Kinetico Model no. 30 Problems

Discussion in 'Water Softener Forum, problems, installation and r' started by Mobster, Jul 28, 2005.

  1. Mobster

    Mobster New Member

    Messages:
    20
    Great forums!

    I'm really not to sure how old this softener is but I can tell you by the looks of it it's old. In the three years we have lived here the water has always had a hard water feel and a sulfer like smell to it. We were using some kind of regular salt in and were advised to switch to Clearwater premium Rust Out. This seems to really help with the hardness of the water however, My wife bought two bags just recently that was not the Clearwater. I reluctantly ran those two bags of salt through the system and noticed the water had gone back to the "hard and rusty" as I mentioned earlier. I refilled this time around with the Rust out and the water is now worse than ever. It's alomost like there is no softener at all. I noticed in another post the turing the dial on top should make different sounds but unlike their softener, ours does not have a "service" or "recharge" area on the dial. This sucker must be old. I would like to troubleshoot first as any man does before just scrapping the old and in with the new. What are some key points I need to check in the "problem" area that I may do at home to fix this water peroblem.

    p.s. I have a 5 month old newborn and if it's not resolved soon I will replace the whole unit. I'm just trying to save the 1,500 bucks if I can fix it myself.

    Thank you in advance for any replies.

    I have included a few pictures.

    Attached Files:

    Last edited: Jul 28, 2005
  2. Dangler

    Dangler New Member

    Messages:
    12
    I'm not an expert, and I haven't even slept in a Holiday Inn recently, but testing the basic operation is pretty easy, and I see no reason to spend $1500 for a water softener period.

    Kinetico is on the web, with at least some information on the site, and perhaps some tech support like an owners manual. I didn't notice if the control valve, first picture I think, says that "it" is Kinetico anyway. If you can get a manual or tech support of course do what they say unless its call the local dealer and have them do it. You should be able to do whatever it is you do to set the time, and move time setting forward until the unit does a regeneration cycle.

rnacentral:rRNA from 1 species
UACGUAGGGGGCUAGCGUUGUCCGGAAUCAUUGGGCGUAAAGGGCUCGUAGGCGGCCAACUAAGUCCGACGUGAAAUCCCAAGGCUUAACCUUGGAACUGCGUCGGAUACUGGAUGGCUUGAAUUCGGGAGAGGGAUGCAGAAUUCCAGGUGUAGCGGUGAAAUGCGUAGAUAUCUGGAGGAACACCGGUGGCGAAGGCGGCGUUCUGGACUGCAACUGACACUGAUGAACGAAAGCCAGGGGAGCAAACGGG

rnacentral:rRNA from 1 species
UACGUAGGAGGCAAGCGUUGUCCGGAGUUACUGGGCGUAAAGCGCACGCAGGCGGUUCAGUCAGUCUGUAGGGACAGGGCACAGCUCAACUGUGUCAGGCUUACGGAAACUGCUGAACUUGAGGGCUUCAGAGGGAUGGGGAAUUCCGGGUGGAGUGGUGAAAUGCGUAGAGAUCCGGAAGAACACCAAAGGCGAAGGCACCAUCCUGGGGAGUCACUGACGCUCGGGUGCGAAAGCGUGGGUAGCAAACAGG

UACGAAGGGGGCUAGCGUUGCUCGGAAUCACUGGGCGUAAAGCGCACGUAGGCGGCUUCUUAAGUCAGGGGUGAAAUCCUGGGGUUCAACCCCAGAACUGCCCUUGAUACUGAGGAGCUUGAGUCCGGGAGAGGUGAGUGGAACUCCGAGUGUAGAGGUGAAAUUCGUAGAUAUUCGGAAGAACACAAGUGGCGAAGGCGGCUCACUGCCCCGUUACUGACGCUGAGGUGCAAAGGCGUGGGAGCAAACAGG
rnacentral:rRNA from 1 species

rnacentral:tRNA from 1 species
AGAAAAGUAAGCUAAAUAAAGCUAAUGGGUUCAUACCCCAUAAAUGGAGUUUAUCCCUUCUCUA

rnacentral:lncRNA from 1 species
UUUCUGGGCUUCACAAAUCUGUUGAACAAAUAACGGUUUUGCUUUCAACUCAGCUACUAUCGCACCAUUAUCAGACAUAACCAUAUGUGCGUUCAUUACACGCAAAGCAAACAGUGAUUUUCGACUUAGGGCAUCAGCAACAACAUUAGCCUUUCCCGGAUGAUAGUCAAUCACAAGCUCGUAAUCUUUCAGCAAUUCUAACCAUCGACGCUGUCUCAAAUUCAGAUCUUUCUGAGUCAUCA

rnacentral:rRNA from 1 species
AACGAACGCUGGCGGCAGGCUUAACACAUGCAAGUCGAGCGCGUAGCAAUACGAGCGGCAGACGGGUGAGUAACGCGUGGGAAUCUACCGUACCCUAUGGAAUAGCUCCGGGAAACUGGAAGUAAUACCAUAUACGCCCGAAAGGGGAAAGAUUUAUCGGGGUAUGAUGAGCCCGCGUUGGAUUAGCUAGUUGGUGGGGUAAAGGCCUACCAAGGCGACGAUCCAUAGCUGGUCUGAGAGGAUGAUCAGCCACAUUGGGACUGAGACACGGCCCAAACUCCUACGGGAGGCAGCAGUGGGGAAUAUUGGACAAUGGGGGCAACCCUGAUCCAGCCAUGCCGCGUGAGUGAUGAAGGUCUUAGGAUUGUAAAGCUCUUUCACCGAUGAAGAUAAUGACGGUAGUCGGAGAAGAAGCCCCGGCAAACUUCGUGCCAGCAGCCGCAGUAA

Salt water from the brine tank should flow out the drain line until the brine tank is empty of water, then shortly after that the drain water should have all the salt rinsed out of the resin. My drain line goes in the laundry thing, so I can just stick in a finger and taste the water. When the drain water stops flowing, the brine tank should refill and make reasonable contact with the salt.

    If all that is pretty much happening, the mechanics of the system regardless of age are still working. Could be even something dopey like regeneration time set wrong so that water use in the house is interrupting the cycle, and just setting the time correctly might fix it.

    If the old control valve is messing up, I would replace it. From what I have read Fleck and Klack make very good units for $200 to $300 on the net. The thing in the brine tank is just a "version" of a toilet float and valve, and my guess is that its not expensive either.

    Resin beds don't last forever, and some that go after stuff like iron I think are more fussy than the calcium units. If nothing shows up from the testing above, I would have samples of the before the softener and after the softener water tested. Then look into having the resin bed replaced, not the tank, just remove the resin beads inside and put in new ones.

    No reason I can really think of that everything should be replaced, unless you just like the local plumber and want to see him happy. Control valve, brine tank, and resin bed can be treated as modules and replacing one doesn't mean the others need it too.

    Finally just a bit on costs. I have been doing a little shopping, since I now have a culligan unit I have been paying $20/ month for the last 20 years on, and prices are all over the place, but unfortunately none quite low enough to tempt me. $500 installed would get me going, and for a quality unit I am seeing total costs installed of more like $600 to $800, with about $150 of that as labor. Of course its easy to pay twice that and get lower quality, some water guys should be flying pirate flags.